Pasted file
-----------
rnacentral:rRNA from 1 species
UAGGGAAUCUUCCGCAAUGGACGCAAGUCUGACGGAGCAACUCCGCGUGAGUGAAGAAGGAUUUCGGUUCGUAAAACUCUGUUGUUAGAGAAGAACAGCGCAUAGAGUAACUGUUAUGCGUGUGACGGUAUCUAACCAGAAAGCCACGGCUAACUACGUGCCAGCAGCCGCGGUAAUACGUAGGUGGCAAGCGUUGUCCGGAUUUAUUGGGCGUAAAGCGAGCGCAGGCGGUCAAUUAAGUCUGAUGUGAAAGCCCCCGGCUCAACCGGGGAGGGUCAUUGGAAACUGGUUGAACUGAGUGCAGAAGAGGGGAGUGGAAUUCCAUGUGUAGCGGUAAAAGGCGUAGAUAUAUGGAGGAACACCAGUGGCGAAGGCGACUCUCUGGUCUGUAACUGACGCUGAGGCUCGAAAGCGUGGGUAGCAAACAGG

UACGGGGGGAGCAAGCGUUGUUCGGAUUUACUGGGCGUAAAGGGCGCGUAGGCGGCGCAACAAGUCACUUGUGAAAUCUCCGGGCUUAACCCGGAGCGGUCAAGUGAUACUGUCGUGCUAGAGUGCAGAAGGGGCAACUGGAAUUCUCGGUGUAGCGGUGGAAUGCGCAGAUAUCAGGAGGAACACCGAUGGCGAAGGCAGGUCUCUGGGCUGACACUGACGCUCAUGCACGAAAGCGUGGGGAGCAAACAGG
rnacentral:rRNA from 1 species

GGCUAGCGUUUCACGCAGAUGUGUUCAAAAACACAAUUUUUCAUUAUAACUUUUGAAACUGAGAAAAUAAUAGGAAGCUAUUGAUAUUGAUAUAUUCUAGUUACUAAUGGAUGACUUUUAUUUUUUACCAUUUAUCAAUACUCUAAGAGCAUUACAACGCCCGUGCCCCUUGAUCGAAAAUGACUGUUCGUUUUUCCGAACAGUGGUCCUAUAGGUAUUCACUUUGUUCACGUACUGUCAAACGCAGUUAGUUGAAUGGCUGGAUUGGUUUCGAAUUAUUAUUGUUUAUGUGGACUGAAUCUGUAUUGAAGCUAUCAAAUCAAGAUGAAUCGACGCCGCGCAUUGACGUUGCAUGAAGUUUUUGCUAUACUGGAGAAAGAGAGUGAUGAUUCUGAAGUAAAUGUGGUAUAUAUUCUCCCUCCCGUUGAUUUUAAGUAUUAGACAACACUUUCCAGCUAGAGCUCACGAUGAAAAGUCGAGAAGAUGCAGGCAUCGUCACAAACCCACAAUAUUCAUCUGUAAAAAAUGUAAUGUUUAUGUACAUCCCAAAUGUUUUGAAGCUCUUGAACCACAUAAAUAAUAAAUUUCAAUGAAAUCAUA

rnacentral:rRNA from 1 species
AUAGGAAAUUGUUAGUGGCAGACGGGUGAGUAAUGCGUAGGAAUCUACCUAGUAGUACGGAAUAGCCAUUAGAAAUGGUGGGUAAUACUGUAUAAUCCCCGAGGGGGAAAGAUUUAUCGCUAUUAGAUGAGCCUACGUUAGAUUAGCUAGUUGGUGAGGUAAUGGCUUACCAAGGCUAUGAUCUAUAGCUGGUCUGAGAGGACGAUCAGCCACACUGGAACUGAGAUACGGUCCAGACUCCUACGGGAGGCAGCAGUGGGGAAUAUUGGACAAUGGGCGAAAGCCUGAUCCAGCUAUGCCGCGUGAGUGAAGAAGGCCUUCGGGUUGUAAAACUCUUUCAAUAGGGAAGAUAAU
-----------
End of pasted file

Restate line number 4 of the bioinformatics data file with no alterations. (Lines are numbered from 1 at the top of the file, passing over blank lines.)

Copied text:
rnacentral:rRNA from 1 species